The largest Christmas upgrade in Network Rail history is due to begin on December 24 running through to January 2, 2017.
Across the Great Western mainline, stretching from Cardiff to London Paddington and through to Shenfield in east London, £85 million worth of investment will be underway, with hundreds of Network Rail employees giving up their Christmas to make sure all the work is completed on time.
One such worker is 33-year-old Haris Mirza. As a Muslim who doesn’t celebrate Christmas, Mirza has volunteered to work on Christmas Day and Boxing Day, so colleagues don’t have to and can spend time with their families.
Mirza, a project manager for Network Rail said: ‘If I wasn’t working I wouldn’t be doing anything special anyway because I don’t celebrate Christmas, so I was happy to volunteer to cover during Christmas as there are not many people who are looking to work away from their families.’
Mirza will be working on the on the Royal Wootton Bassett A3102 Bath Road bridge, which is scheduled to see demolition works take place over Christmas because the railway will be closed.
He continued: ‘I am working during Christmas and Boxing Day nights to mainly assist with reporting of the progress of the works and making sure everything is carried out in a safe manner.
‘I have worked for a lot of different industries and Network Rail is a very forward thinking company. The people are fantastic and it’s a great working environment – always pushing me to learn more, to contribute more. I have had some really good mentors in the past and we’re a really good team. If I wasn’t working I wouldn’t be doing much – it would be like a normal weekend I suppose and I am just pleased I can help out my colleagues.’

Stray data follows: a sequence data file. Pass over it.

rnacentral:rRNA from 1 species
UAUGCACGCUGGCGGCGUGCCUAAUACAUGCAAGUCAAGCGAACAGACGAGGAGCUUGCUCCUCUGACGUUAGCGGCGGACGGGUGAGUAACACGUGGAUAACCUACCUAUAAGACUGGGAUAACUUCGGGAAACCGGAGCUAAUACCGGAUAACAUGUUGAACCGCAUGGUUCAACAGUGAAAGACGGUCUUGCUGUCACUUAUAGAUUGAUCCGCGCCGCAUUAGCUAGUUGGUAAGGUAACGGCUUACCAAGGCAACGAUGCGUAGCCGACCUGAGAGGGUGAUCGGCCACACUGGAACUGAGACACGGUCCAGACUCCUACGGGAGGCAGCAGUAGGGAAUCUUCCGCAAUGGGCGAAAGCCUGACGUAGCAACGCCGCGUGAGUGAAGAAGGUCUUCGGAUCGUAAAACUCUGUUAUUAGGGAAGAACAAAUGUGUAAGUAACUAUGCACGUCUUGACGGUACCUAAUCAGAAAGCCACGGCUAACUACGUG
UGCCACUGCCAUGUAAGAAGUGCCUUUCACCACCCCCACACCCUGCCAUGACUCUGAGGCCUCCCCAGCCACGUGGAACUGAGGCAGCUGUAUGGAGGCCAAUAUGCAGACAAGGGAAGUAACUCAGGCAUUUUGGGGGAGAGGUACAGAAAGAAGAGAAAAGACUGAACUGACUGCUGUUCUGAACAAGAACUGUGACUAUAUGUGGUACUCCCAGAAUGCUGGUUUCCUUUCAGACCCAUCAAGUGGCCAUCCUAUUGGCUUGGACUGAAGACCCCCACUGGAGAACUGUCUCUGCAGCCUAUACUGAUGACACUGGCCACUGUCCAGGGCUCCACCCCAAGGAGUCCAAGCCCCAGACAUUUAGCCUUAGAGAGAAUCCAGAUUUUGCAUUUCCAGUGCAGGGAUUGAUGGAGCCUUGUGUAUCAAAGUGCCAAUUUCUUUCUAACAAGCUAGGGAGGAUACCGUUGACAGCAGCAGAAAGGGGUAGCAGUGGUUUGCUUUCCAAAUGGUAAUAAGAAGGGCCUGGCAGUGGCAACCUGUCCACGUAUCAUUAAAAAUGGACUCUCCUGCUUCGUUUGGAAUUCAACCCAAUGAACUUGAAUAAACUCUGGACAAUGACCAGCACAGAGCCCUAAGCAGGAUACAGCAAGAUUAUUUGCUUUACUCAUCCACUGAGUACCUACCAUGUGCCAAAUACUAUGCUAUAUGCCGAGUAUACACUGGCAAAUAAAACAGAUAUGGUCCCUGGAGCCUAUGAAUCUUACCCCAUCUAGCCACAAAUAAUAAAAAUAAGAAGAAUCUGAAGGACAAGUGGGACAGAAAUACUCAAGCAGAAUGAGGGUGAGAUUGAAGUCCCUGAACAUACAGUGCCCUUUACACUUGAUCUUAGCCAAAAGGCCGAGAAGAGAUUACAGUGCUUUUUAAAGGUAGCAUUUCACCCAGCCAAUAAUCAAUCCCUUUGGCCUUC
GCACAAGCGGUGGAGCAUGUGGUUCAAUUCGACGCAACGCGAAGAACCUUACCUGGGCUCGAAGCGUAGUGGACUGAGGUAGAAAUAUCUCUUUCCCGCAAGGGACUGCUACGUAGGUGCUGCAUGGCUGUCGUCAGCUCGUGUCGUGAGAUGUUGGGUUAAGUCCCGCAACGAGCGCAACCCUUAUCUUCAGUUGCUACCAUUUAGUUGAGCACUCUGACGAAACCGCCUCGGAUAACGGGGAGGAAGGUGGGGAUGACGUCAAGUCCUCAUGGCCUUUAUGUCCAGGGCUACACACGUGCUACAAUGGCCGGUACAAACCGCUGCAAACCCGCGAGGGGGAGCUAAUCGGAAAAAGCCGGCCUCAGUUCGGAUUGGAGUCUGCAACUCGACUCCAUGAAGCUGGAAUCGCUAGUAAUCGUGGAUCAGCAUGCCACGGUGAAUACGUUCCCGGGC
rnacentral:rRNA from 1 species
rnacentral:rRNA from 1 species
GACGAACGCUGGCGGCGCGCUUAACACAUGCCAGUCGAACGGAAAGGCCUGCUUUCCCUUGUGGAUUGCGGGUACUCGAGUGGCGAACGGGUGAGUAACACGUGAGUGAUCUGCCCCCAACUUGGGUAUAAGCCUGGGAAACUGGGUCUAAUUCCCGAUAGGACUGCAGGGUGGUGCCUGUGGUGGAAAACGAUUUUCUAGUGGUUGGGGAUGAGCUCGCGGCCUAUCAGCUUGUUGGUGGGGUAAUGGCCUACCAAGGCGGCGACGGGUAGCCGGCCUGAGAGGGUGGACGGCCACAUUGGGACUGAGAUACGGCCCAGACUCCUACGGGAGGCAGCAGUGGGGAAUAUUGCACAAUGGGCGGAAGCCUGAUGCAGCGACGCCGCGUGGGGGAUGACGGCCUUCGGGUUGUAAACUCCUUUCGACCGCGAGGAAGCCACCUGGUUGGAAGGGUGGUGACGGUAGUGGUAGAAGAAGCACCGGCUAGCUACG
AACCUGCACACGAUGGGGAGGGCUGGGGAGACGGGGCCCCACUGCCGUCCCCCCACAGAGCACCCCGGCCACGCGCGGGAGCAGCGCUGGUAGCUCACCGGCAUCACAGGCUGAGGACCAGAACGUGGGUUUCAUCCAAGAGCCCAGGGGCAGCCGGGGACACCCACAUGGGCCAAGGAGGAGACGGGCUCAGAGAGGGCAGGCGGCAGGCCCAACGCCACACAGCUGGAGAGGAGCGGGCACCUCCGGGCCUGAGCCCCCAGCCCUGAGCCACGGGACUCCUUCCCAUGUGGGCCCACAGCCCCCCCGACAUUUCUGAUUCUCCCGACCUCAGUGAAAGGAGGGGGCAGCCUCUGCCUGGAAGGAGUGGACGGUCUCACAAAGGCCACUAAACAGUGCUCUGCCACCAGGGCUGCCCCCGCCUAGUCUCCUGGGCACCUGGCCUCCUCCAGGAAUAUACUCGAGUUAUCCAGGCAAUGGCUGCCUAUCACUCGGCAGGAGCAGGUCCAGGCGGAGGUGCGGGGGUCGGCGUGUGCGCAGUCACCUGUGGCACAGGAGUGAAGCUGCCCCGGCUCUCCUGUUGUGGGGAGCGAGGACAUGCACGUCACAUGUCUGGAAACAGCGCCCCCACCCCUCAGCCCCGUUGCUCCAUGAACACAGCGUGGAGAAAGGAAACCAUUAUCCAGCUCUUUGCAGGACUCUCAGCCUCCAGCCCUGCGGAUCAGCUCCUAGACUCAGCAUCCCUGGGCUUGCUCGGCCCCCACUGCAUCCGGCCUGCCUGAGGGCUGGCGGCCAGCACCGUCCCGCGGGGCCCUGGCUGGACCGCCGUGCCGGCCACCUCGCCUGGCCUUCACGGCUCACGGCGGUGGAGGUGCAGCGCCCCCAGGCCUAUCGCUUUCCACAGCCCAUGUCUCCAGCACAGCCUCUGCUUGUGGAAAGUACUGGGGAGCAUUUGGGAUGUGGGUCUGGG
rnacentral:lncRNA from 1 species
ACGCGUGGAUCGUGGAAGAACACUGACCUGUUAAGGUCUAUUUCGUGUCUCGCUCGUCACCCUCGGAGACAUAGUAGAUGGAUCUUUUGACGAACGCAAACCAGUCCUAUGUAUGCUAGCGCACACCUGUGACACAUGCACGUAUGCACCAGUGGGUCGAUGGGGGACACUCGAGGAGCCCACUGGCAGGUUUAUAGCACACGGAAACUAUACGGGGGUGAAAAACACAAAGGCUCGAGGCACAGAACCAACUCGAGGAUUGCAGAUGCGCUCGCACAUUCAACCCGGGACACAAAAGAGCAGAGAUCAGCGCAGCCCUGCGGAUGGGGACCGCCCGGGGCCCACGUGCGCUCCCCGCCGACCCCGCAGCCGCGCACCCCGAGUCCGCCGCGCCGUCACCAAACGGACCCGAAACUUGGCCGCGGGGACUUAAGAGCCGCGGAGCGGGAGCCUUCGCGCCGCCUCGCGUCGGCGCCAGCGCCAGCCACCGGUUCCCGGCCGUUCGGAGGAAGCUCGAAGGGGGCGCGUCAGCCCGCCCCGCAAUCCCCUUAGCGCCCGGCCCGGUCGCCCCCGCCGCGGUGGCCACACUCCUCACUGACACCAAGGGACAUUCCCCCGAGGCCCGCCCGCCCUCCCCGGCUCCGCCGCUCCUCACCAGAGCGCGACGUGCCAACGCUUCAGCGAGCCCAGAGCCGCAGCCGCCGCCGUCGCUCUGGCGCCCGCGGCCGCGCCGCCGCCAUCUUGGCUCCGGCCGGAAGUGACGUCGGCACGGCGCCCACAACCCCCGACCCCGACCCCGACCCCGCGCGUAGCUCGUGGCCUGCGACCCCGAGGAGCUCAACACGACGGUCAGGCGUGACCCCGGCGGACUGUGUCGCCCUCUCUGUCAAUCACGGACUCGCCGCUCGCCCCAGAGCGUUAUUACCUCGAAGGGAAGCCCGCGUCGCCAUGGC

Mirza’s manager Dave Kidd, will also be working over Christmas as he is overseeing the project, but says that volunteers who are happy and willing to work Christmas, make his job a lot easier. He said: ‘It’s very important that we do have that commitment from staff – as sometimes it’s hard to fill the shifts with the right quality personnel – especially the night-time shift.
‘However it is important we work over Christmas, mainly because the tracks are shut. The trains are not running so if we do the work during this particular period then there’s less disruption to the public, and we don’t have to block the lines at some other time and cause more inconvenience,’ he said.
Kidd, 60, will be managing 35 people who will be working over Christmas Day and Boxing Day – just one of many Network Rail teams giving up their Christmas to make sure the work gets done.
He added: ‘I will start on site at 6:00am on Christmas Day through to around 3:00pm and it will be the same on Boxing Day. I will be managing the project and making sure that everything runs as smoothly as possible.
‘It obviously does have an impact. I’m lucky that most of my children have left home now but I’ve got a couple of young kids at home and we will delay our Christmas Day basically until I get home in the late afternoon and we’ll take it from there.’
Photo shows Dave Kidd with Haris Mirza